Version 0.04

I’ve taken refuge tonight at the Unity House Bed & Breakfast, an unassuming, nineteenth century house located on a side street in downtown Madison. I was soaked again earlier today just after I had finished my lunch break of an hour and a half. It only rained for twenty or thirty minutes, but my stubbornness and consistent feelings of resignation at being soaked prevented me from moving off the road and finding some sort of shelter beneath a tree that would have availed me of being drenched, and even though upon arriving in Madison I was not as wet as I had been, the weather service is calling for storms tonight and I’m simply not keen on trying to sleep through that in my tent just to save some cash and then have to put on cold, wet clothes the next morning.

I was, as usual, in agonies over making a decision because of the high cost of accommodation so early on in the trip (paid lodging for three of four nights so far), but once the decision was made and I was firmly inside the bed and breakfast, with my bicycle rolled into a corner and my bags strewn in a semblance of organization around it, and receiving the grand tour of the place, I was near to ecstasy. To have made a decision! What a triumph! What a weight lifted from my shoulders! The hell with the money. I can earn more later, doing something, anything if I have to, but for now to be reclining in a stuffed chair in a warm room with food in my belly (which I cooked on my campstove in the bathroom of my bedroom), and to know that the money is spent and there’s no possible way to get it back, I am CONTENT, like a fat dog on the hearth of a lighted fireplace.

My room exudes coziness. The queen-size bed is nearly chest-high so that I nearly have to climb into it, and thrusts itself well into the center of the room. The thick memory-foam mattress is piled high with numerous pillows, There are two tables, each with a lamp, on either side of the bed, and an armoire against the wall opposite. Near to the bed is the rather large, comfortable chair I am lounging in, my feet resting on a sort of attached ottoman. There is a flatscreen tv which I will not use on a table against the wall opposite me. The closet is filled with women’s clothing. The floor hardwood stained dark, and a soft light effuses the room through the tall windows draped with lace curtains. In the bathroom my wet clothes are spread about various fixtures, hanging from hooks, etc., drying. All is peace.

Not all was peace today, though. In some places along the way I wondered if peace ever came. Not long after leaving Lake City I passed a Native American church: Broken Lands Native American church to be exact. What peace may be found there? Certainly none in the name. Is it found in the two half-built teepees on the property? Mere skeletons with no flesh, no skin, just a pile of lumber leaning against each other in the shape of a cone, as if by doing so they might manage to stay upright, and lashed together at the top. If there was any peace there it would not stay for long. Perhaps there was peace in the two crumbling, dilapidated hovels that I suppose served as the church proper for whoever worshipped there, but the doors were left swinging ajar, and windows open. Some perhaps shattered. But, too, there appeared little to keep peace contained within. Could it somehow be captured in the three rundown, decrepit, old cars in the lot, parked between the unfinished teepees and the church? None of those looked as if they might run. It appeared as though someone had parked them there years ago and promptly forgot about them. I just don’t think one could find peace in any of those three cars.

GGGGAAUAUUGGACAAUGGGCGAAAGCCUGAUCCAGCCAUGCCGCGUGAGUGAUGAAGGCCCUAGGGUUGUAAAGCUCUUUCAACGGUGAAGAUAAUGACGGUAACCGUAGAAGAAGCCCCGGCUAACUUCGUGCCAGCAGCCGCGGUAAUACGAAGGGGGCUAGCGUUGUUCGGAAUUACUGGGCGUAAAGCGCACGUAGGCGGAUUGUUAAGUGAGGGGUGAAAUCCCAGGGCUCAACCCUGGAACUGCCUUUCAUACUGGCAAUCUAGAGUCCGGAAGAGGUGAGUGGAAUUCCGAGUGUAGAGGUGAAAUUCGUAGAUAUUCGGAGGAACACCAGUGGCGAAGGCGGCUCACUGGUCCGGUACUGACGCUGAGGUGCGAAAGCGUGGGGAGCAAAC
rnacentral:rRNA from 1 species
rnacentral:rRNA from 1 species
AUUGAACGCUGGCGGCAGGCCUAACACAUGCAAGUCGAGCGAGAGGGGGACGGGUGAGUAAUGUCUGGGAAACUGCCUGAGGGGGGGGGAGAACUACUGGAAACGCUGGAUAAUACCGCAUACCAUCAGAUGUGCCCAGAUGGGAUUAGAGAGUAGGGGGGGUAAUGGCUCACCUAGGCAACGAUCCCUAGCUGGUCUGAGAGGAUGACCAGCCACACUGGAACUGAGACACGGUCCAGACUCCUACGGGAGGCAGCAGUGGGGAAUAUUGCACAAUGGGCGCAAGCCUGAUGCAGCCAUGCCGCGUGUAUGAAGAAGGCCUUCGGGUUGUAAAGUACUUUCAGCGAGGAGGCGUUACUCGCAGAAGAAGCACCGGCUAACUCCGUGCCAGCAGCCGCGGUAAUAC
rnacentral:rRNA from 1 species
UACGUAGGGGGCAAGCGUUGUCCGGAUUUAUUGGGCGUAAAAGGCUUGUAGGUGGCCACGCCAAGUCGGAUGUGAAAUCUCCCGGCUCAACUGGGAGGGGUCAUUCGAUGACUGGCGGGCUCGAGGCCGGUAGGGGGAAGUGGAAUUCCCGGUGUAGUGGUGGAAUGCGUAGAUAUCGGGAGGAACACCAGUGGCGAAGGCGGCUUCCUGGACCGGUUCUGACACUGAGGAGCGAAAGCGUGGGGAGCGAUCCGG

On the other hand there is no physical thing that can be representative of the glory of God. Or I should say all things, all places are representative of the glory of God. They are all the glory of God from the lowliest dung beetle (if one sees the dung beetle as for some reason being lowly, as opposed to quite marvelous and magical), to the noblest of humans, say Thailand’s king, or the queen of England (as though birthright means anything in the grand scheme of it all). That said, one can worship or meditate anywhere and find peace there. Often I think I can find more peace in a fingernail clipping than I might find in one of these ostentatious mega-churches that are popping up all over the place. Costs a lot less to build too. Powder it up. Turn it into a wafer. This is MY body. Go worship in your monolithic church, crosses gilded in gold, and the wine unwatered; or go worship at broken lands, broken dreams, broken hopes, and broken promises; it makes no difference. Go to the swamp. Sit under a tree. Lie in a prairie full of wildflowers. It makes no difference so long as you know peace and you feel peace. What’s important is the you, not the it (the thing), for you become it when you project yourself onto it, whatever it is….

A little bit farther along I espied what appeared to have once been a home beneath a magnificent Live oak with Spanish moss hanging from its branches, surrounded by vegetation, covered in vegetation, looking rather rotten and squalid, but looking magical just the same, covered as it was in moss and lichen and vines, green things growing out of its gutters, and that magnificent Live oak with its limbs spread wide over the hovel as if protecting it or wishing to embrace it. It would make a great place to squat or camp as well hidden as it is, what with the forest grown up all around it. I damn near missed it pedaling along. Had to come to a screeching halt as I just happened to glance over at it beneath the trees.